The Railway Comes to Farnham

Farnham Railway Station was opened on Monday 8th of October 1849 when the London and South Western Railway reached Farnham with their line branching off the South Eastern Railway Redhill  Reading Line at Ash Junction.

At the point where today’s trains slow down for the 40 mph curve between Wanborough and Ash.
Trains operated from Farnham to Guildford with stations at Tongham and Ash Green, (Wanborough Station was not opened until 1891) Farnham passengers would have had to change trains at Guildford for London Waterloo.

A single line from Farnham to Alton was constructed and opened on Wednesday 28th July 1852 the intermediate station at Bentley was opened two years later in July 1854, the year the British Army made its home at Aldershot.
The line was further extended to Winchester in October 1865 when Alton Station was rebuilt.

It was not until May 1870 that  a line was built from Farnham Junction  where the A31 crosses the railway today to Aldershot and on to join the Main Line at Pirbright shortening the journey to Waterloo from 40 miles 33 chains to 38 miles 6 chains a total of 2 miles and 27 chains !
Farnham now had a more direct railway route to London and also a link to Southampton from 1865 made Farnham even more attractive.

In 1901 the line from Farnham to Alton was doubled with the Bordon branch opening on the 8th December 1905.
As part of the Southern Railway’s Portsmouth electrification plan the Alton Line was electrified with the third rail system in 1937.
The Southern Railway planned for a carriage shed at Alton to be built to stable the new electric trains, but the local authority refused planning permission so the Southern Railway Company had to find another location.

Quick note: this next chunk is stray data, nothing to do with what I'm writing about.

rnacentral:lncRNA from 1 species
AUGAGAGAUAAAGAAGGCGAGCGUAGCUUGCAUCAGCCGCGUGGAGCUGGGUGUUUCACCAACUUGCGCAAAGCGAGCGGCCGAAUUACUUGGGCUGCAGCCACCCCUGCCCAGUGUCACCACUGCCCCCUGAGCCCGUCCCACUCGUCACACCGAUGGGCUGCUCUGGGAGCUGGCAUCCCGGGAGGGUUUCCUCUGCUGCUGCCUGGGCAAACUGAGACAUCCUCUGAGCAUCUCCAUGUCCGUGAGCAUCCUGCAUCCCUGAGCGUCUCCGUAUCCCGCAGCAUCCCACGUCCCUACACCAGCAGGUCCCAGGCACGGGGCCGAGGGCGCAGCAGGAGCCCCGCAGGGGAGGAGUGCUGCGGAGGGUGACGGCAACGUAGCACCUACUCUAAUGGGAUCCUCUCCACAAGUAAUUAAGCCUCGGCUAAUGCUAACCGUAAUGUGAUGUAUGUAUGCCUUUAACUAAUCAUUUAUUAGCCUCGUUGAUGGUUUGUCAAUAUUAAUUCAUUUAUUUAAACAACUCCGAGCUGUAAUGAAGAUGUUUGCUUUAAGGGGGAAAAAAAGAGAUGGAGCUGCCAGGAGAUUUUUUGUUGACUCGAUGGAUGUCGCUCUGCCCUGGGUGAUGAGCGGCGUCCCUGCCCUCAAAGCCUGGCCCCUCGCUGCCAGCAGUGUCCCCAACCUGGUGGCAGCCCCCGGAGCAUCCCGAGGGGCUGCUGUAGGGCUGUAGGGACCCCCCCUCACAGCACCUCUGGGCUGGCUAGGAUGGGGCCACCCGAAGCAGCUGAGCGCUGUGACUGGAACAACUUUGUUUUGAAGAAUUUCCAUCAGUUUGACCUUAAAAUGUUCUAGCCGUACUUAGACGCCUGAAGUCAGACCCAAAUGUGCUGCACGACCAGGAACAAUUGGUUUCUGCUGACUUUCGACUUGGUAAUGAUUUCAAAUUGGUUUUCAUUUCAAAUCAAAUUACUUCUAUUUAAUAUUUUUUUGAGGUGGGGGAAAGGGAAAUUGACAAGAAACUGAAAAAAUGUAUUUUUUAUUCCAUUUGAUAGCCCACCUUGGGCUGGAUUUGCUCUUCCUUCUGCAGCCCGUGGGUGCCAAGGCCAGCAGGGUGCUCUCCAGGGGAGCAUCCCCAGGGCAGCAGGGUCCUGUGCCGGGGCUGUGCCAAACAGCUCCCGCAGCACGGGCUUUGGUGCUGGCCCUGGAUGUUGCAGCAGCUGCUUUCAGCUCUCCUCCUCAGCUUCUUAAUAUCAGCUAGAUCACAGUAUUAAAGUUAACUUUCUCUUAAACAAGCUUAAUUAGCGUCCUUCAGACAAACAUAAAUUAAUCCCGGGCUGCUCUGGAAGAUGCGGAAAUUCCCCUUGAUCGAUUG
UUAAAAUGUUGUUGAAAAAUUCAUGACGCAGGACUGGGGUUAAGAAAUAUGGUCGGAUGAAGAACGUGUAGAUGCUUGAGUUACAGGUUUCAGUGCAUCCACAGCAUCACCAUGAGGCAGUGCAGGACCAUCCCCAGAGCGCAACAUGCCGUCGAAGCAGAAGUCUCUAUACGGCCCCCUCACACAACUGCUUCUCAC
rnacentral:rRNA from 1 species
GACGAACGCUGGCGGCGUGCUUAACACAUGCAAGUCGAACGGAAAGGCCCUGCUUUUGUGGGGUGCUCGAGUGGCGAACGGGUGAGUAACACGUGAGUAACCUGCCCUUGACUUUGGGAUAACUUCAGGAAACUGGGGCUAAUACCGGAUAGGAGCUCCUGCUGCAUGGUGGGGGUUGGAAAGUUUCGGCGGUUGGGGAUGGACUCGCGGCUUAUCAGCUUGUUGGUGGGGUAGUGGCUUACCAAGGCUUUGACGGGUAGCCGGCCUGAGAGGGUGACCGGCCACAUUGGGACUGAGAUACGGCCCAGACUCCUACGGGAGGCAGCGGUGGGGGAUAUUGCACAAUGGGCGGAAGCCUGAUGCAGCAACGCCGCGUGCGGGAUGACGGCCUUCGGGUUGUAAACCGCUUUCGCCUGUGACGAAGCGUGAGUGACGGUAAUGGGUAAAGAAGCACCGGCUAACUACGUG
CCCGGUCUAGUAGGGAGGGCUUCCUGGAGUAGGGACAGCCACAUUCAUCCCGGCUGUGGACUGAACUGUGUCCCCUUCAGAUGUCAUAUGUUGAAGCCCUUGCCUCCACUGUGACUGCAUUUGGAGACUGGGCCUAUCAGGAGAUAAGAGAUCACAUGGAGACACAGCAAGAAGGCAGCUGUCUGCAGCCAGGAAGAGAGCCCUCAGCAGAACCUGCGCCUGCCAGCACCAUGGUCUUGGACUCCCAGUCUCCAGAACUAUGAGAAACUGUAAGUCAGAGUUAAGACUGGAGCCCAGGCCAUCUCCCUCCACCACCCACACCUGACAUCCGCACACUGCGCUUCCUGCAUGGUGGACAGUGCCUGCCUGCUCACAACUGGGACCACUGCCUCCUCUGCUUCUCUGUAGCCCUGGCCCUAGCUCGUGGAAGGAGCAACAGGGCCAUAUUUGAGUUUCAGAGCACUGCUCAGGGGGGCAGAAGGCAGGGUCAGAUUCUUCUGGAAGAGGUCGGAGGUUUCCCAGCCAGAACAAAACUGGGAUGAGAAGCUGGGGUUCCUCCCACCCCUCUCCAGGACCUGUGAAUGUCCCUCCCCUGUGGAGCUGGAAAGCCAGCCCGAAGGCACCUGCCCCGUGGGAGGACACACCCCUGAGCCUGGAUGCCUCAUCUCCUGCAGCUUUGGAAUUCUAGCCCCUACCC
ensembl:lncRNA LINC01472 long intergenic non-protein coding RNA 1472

Kingsley on the Bordon branch was considered as the railway owned a vast amount of land around the little station Halt, but operating difficulties were envisaged moving empty carriages over the single line.
Therefore the sand pit at Wrecclesham was filled in with chalk excavated from the extended sidings at Andover and the carriage shed was built.

Electric train services commenced on Sunday 4th July 1937 and passenger trains to Guildford via Tongham were withdrawn.
When British Rail made plans to electrify the Bournemouth to Weymouth line in the early eighties, economies were sought for obtaining the third rail as this item was very expensive. 

Plans were drawn up to single line the track between Frimley to Ascot, Effingham to Leatherhead and lastly Farnham to Alton.

The Farnham to Alton Line was the first to be singled on Saturday 20th July 1985 saving British Rail about eight miles of third rail and  with the service reduced to one train an hour.

But the operating difficulties experienced were so severe that the plans to single line the other routes were scrapped.

With the introduction of new rolling stock in the form of the Alstom class 458 and Siemens class 450 and 444 “Desiro” units by South West Trains in 1999 and  2004 respectively and the withdrawal of the old 1960's slam door trains, the sidings at Farnham Shed were extended with a carriage washer and servicing plant installed.

The train service to and from Alton improved   immensely.